TEMPE – A rowdy student section, a drumline, and an arena filled with 5,000 blonde mullet wigs converged on the Arizona State campus Friday as the Arizona Coyotes ushered in a new age at Mullett Arena.
Flocks of ASU students and Arizona Coyotes fans, all who received the promotional wigs, converged on the new multi-complex arena for the Coyotes’ inaugural home game there against the Winnipeg Jets.
For longtime Coyotes fans, this season’s home opener marked the start of a fresh chapter for the embattled franchise. And while the team’s temporary move to an intimate college venue has been criticized or even mocked by some, especially in the national media that covers the NHL, the enthusiastic crowd Friday suggested that the move just might work.
About the only negative that emerged from the club’s opening night was a 3-2 loss in overtime to the Jets, but the atmosphere inspired hope in Coyotes fans for the first time in a while.
“You have probably heard of all the negative comments and even some misinformation that has been put out there about how the team is not doing enough, or doesn’t stand a chance to stay in Arizona,” said Paul Gheduzzi, an avid Coyotes who took a flight from Philadelphia just to attend the opener.
“I honestly believe there’s a lot of fans here in Arizona, especially in the greater Phoenix area. And the way you’re going to bring those fans out is if you engage with them in the community, which I believe they’re doing. But you also have to minimize the missteps – make sure that if there’s an opportunity to really captivate the fan base, you do it.”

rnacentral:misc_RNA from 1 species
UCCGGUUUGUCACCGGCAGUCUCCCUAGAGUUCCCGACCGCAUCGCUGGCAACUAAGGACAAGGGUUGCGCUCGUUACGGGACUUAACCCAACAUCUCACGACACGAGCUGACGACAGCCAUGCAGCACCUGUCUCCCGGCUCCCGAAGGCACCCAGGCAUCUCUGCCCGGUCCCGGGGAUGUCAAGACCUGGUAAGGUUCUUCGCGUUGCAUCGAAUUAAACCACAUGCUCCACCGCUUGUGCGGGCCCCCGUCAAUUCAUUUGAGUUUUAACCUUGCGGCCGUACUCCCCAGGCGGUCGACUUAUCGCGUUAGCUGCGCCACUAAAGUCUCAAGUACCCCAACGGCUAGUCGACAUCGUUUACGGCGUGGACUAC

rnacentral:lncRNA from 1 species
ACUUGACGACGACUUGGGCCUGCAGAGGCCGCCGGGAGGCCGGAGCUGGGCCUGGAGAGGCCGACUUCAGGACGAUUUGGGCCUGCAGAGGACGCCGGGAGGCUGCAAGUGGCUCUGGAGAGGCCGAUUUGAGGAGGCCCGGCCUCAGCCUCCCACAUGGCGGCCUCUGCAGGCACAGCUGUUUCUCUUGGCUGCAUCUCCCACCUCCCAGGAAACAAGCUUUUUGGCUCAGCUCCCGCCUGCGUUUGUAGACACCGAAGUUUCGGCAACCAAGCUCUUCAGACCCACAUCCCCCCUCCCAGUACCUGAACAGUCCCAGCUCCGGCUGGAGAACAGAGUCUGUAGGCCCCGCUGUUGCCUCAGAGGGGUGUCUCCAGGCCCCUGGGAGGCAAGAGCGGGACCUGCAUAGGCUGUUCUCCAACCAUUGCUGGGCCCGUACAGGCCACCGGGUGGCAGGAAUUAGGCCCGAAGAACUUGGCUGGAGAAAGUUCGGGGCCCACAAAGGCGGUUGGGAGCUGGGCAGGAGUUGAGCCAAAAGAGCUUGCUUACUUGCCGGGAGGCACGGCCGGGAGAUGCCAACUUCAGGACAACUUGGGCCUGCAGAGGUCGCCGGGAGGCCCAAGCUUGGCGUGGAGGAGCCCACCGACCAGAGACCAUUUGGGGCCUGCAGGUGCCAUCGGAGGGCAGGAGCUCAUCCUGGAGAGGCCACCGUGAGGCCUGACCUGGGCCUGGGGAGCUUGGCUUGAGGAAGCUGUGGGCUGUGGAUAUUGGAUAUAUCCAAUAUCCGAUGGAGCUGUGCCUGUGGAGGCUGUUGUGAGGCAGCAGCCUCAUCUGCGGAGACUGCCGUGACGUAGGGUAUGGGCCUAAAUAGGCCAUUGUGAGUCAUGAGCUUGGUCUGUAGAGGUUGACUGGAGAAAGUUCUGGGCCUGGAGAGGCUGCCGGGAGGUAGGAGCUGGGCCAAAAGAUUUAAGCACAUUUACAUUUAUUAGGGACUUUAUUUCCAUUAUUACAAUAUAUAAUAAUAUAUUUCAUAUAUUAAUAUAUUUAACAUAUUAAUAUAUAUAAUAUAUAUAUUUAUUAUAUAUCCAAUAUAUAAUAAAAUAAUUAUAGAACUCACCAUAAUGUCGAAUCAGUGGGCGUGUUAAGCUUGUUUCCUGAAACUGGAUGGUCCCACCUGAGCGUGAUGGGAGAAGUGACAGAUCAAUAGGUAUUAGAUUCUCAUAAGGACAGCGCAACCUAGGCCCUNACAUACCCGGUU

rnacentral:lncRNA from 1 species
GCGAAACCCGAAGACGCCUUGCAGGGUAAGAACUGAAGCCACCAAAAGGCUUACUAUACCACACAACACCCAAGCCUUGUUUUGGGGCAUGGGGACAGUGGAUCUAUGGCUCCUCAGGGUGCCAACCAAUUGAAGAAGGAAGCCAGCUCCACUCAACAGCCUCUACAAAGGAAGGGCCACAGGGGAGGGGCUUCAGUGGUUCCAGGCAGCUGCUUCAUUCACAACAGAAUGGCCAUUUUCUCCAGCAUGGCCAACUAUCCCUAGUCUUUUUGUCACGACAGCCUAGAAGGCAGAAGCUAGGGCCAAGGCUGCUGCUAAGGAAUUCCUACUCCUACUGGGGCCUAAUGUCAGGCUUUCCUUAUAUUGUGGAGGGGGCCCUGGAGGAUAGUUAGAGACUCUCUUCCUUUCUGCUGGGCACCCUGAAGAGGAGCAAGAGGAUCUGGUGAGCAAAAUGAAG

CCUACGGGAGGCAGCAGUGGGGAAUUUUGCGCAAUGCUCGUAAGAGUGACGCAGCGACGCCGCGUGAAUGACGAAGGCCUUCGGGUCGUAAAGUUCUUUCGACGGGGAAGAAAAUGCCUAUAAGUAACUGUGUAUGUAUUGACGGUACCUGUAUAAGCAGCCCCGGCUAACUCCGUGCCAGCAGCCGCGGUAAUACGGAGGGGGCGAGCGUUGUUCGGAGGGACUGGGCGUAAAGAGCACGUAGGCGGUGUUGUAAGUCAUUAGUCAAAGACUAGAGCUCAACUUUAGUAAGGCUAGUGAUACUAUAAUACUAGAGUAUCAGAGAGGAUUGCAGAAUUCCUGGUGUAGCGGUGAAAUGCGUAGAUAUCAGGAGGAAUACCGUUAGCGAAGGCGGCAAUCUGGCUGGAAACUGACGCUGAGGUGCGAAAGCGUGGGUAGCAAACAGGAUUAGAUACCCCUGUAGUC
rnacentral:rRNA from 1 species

The venue also offers a chance for the Coyotes to nurture a new fan base because of the on-campus location and a growing hockey community that surrounds Arizona State’s burgeoning hockey program.
While small, the arena is more accessible for most fans than the team’s previous home at Gila River Arena – now called Desert Diamond Arena – in Glendale, a nightmarish commute for weeknight hockey games.
The mix of a college hockey atmosphere and an NHL product combined to create a lot of energy and excitement in “The Mullett.”
The crowd chanted, “He shoots. He scores,” “Hey, goalie you suck,” and “It’s all your fault,” after every Coyotes goal, familiar refrains for those who have attended ASU hockey games, where the chants are becoming a tradition.
The Coyotes iconic goal song, “Howlin’ for You,” also played as the soundtrack to a chorus of celebration.
Coyotes players evidently loved the vibe.
“It was a great atmosphere,” said Coyotes forward Clayton Keller. “It’s exciting to play games when the fans are into it and it’s loud. It energizes us. Hopefully the fans keep showing up.”
For longtime Coyotes players, including Keller, sold-out home games are far from the norm. With the Coyotes’ struggles over the years and their old arena’s remote location, many games were played with a lot of empty seats or– worse – seats filled by visiting fans.
This season, though, the Coyotes are expecting the low-capacity seating and boisterous student section to give them the home-ice advantage they have missed.